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Perkins Loans

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Perkins Student Loans Make College More Accessible

Federal Perkins Loans are low interest government loans made through a participating school to undergraduate and graduate students with substantial financial need. In order to qualify for a Perkins student loan, a student's Expected Family Contribution (EFC) as determined by the government's FAFSA (Free Application for Federal Student Aid) must demonstrate the greatest level of financial need. Recipients of Federal Pell Grants receive priority for Perkins Loans.

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When applying for financial aid, it's important to note that schools distribute Perkins Loans on behalf of the government and when the funds are gone, the funds are gone. This means that even if you qualify for a Perkins Loan you may not actually get one. So with interest rates steady at 5%, it's in your best interest to submit your FAFSA on January 1 or as close to that date as possible. This will ensure that you get the maximum amount of Perkins Loan funds you are entitled to, as well as all of the Perkins Loan Benefits.

The maximum amount for a Federal Perkins Loan made to an undergraduate student is $4000 per year, up to a total of $20,000 over the course of an undergraduate program. For graduate students, the maximums are higher, at $6,000 per year and $40,000 over the course of graduate studies.

The federal government subsidizes all Perkins Loans. So while you are in school, and while the loan is in any type of deferment period, the federal government picks up the tab for the interest. This can save you thousands of dollars in interest when you eventually repay your loan. An example follows:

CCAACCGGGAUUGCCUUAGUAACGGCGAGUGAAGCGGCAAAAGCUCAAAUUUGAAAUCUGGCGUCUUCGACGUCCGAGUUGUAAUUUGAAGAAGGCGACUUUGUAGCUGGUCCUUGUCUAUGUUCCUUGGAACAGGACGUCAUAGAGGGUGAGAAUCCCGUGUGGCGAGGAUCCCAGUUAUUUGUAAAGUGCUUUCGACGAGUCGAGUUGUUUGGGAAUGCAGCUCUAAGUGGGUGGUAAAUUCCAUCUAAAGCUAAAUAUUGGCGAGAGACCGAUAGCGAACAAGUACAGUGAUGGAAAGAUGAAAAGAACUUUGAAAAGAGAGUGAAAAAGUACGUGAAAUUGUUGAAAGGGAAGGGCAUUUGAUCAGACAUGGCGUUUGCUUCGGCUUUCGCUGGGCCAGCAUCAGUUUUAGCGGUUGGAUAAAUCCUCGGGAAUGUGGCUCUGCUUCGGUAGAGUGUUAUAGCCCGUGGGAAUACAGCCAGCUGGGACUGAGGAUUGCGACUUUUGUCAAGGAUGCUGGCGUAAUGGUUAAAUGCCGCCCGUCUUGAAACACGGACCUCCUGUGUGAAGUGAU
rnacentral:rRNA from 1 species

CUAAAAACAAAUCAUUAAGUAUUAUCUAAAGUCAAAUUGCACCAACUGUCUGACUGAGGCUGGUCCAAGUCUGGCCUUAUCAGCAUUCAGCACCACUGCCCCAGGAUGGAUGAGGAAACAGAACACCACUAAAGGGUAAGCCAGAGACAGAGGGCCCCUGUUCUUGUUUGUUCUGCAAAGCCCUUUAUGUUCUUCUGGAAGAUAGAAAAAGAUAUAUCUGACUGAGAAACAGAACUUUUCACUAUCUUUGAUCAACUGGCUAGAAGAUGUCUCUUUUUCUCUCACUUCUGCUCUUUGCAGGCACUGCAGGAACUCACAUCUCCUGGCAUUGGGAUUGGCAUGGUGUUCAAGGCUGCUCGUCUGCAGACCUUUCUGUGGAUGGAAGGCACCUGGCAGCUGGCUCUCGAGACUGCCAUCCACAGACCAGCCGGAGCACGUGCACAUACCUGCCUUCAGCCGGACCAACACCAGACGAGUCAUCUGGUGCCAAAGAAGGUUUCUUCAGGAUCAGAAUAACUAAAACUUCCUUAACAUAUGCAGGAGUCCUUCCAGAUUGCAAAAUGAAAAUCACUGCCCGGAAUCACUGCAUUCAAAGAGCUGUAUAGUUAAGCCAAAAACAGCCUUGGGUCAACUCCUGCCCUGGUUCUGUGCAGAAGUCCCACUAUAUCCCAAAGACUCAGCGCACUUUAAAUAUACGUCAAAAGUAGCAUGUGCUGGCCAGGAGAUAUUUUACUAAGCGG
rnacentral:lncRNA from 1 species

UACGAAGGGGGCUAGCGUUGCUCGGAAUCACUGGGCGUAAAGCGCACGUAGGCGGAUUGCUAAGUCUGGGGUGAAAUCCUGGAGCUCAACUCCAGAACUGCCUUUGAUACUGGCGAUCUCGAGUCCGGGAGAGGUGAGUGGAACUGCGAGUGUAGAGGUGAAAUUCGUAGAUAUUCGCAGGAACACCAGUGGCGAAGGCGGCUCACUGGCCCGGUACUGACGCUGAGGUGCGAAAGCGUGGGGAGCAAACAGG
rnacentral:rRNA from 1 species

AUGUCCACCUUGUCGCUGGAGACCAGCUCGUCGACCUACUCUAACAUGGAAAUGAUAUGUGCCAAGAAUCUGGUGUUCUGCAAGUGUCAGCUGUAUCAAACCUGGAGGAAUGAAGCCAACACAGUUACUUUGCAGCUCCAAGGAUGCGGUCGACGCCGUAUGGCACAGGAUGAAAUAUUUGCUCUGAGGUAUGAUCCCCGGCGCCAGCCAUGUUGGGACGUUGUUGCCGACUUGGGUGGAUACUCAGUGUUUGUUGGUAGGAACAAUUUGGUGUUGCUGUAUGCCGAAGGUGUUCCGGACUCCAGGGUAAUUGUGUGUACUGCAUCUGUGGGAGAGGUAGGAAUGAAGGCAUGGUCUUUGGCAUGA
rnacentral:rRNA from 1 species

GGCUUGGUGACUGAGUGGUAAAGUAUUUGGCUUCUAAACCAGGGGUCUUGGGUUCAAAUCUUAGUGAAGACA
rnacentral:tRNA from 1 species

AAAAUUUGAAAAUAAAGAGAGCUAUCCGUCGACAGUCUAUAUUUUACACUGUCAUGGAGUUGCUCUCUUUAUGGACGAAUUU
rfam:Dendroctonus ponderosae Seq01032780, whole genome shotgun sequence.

Say an undergraduate student is able to take the maximum Perkins Loan amount of $4,000 each year at 5% interest. The government will pay the student's interest on the first loan for over fours years (four school years plus a six month grace period), over three years on the second loan, over two years on the third loan and over a year on the fourth loan. This would equate to more than $2,000 in interest payments that you don't have to make. That's like getting an extra two thousand dollars free to pay for your schooling.

In addition to your EFC score, eligibility requirements for the Federal Perkins Loan are as follows. You must:

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  • Be a United States citizen or an eligible noncitizen with a valid social security number
  • Demonstrate exceptional financial need
  • Be working toward a degree or certificate in an eligible program
  • Have a high school diploma, GED or pass an approved ability-to-benefit (ABT) test
  • Register with the Selective Service if you're a male between 18 and 25
  • Maintain satisfactory academic progress

If you're offered a Perkins Loan, you'd be wise to take the full amount you are eligible for. With a low interest rate of 5%, a Stafford Loan, private loan or any other loan product won't be able to compete. Since a Perkins Loan will most likely not satisfy all of your student aid needs, you can apply for other federal student loan products, like a Subsidized Stafford Loan, or Unsubsidized Stafford Loan. If you're still coming up short after you've exhausted your federal aid resources, you should seek out a private or alternative loan source.

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